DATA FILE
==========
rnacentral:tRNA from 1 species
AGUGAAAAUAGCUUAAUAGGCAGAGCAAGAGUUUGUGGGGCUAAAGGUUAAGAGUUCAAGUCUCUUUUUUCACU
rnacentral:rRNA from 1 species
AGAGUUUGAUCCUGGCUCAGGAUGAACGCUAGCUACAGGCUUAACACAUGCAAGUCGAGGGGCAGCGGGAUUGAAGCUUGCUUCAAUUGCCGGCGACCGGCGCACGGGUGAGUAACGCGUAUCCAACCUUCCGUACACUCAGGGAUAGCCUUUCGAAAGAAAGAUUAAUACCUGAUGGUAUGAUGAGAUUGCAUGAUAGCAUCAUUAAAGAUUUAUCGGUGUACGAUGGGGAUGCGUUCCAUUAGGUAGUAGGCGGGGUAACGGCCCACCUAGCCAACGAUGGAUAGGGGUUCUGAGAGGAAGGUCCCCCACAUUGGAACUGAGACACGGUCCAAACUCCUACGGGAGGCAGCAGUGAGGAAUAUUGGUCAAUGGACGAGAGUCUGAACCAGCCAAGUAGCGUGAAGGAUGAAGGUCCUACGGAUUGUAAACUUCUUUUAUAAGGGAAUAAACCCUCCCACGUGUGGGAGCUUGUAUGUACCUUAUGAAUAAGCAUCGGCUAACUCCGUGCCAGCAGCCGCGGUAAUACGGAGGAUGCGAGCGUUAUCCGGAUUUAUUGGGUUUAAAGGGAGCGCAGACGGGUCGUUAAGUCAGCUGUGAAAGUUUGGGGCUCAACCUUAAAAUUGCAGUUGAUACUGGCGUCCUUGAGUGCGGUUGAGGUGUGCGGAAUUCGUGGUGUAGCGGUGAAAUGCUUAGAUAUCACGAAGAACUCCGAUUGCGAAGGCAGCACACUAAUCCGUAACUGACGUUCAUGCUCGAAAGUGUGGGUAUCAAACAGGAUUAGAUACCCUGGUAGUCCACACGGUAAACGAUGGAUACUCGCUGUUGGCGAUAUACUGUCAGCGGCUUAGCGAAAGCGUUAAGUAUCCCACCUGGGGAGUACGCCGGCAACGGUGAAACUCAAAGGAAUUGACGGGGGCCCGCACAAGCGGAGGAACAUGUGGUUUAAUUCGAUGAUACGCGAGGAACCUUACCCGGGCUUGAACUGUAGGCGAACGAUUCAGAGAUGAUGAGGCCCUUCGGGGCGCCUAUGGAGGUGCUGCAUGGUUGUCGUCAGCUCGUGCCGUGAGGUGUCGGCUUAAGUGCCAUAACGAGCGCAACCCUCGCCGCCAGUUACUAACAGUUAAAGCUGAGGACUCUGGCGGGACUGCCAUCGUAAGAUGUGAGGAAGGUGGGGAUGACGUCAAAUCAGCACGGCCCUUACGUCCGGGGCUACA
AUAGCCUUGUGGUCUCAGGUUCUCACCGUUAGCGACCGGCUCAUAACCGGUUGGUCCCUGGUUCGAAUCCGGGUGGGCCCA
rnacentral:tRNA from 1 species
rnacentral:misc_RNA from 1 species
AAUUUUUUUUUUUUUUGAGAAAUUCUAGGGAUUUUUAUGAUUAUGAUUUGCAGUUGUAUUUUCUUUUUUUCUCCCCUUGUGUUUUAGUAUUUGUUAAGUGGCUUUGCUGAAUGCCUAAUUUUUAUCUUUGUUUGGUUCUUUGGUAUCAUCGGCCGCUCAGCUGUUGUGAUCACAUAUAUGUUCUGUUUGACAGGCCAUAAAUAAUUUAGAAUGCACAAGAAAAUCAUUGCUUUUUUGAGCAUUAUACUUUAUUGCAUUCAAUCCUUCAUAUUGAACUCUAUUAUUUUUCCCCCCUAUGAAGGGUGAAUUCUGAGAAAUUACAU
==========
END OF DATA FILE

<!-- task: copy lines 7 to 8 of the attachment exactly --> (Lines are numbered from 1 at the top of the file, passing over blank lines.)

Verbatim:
rnacentral:misc_RNA from 1 species
AAUUUUUUUUUUUUUUGAGAAAUUCUAGGGAUUUUUAUGAUUAUGAUUUGCAGUUGUAUUUUCUUUUUUUCUCCCCUUGUGUUUUAGUAUUUGUUAAGUGGCUUUGCUGAAUGCCUAAUUUUUAUCUUUGUUUGGUUCUUUGGUAUCAUCGGCCGCUCAGCUGUUGUGAUCACAUAUAUGUUCUGUUUGACAGGCCAUAAAUAAUUUAGAAUGCACAAGAAAAUCAUUGCUUUUUUGAGCAUUAUACUUUAUUGCAUUCAAUCCUUCAUAUUGAACUCUAUUAUUUUUCCCCCCUAUGAAGGGUGAAUUCUGAGAAAUUACAU